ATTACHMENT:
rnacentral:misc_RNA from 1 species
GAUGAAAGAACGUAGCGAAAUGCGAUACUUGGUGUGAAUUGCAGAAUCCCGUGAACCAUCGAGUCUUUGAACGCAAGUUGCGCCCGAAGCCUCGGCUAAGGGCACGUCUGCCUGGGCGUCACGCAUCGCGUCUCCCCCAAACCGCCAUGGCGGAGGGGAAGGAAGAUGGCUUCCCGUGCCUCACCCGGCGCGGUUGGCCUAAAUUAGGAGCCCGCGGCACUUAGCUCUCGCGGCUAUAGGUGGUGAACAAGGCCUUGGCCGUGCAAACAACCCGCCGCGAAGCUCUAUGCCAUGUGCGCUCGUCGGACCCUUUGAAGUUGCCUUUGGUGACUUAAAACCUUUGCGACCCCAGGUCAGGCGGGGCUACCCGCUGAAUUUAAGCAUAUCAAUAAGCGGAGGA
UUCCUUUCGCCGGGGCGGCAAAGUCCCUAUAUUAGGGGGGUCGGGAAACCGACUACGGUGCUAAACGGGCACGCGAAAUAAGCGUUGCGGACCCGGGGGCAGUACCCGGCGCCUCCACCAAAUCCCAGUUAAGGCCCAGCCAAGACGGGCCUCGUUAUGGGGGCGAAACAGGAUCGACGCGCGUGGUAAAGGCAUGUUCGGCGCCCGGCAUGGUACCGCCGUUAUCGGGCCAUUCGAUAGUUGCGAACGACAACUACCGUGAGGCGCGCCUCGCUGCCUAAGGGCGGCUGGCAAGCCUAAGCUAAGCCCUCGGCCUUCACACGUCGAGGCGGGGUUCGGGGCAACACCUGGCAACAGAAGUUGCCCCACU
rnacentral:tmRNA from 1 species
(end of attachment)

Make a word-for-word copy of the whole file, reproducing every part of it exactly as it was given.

rnacentral:misc_RNA from 1 species
GAUGAAAGAACGUAGCGAAAUGCGAUACUUGGUGUGAAUUGCAGAAUCCCGUGAACCAUCGAGUCUUUGAACGCAAGUUGCGCCCGAAGCCUCGGCUAAGGGCACGUCUGCCUGGGCGUCACGCAUCGCGUCUCCCCCAAACCGCCAUGGCGGAGGGGAAGGAAGAUGGCUUCCCGUGCCUCACCCGGCGCGGUUGGCCUAAAUUAGGAGCCCGCGGCACUUAGCUCUCGCGGCUAUAGGUGGUGAACAAGGCCUUGGCCGUGCAAACAACCCGCCGCGAAGCUCUAUGCCAUGUGCGCUCGUCGGACCCUUUGAAGUUGCCUUUGGUGACUUAAAACCUUUGCGACCCCAGGUCAGGCGGGGCUACCCGCUGAAUUUAAGCAUAUCAAUAAGCGGAGGA
UUCCUUUCGCCGGGGCGGCAAAGUCCCUAUAUUAGGGGGGUCGGGAAACCGACUACGGUGCUAAACGGGCACGCGAAAUAAGCGUUGCGGACCCGGGGGCAGUACCCGGCGCCUCCACCAAAUCCCAGUUAAGGCCCAGCCAAGACGGGCCUCGUUAUGGGGGCGAAACAGGAUCGACGCGCGUGGUAAAGGCAUGUUCGGCGCCCGGCAUGGUACCGCCGUUAUCGGGCCAUUCGAUAGUUGCGAACGACAACUACCGUGAGGCGCGCCUCGCUGCCUAAGGGCGGCUGGCAAGCCUAAGCUAAGCCCUCGGCCUUCACACGUCGAGGCGGGGUUCGGGGCAACACCUGGCAACAGAAGUUGCCCCACU
rnacentral:tmRNA from 1 species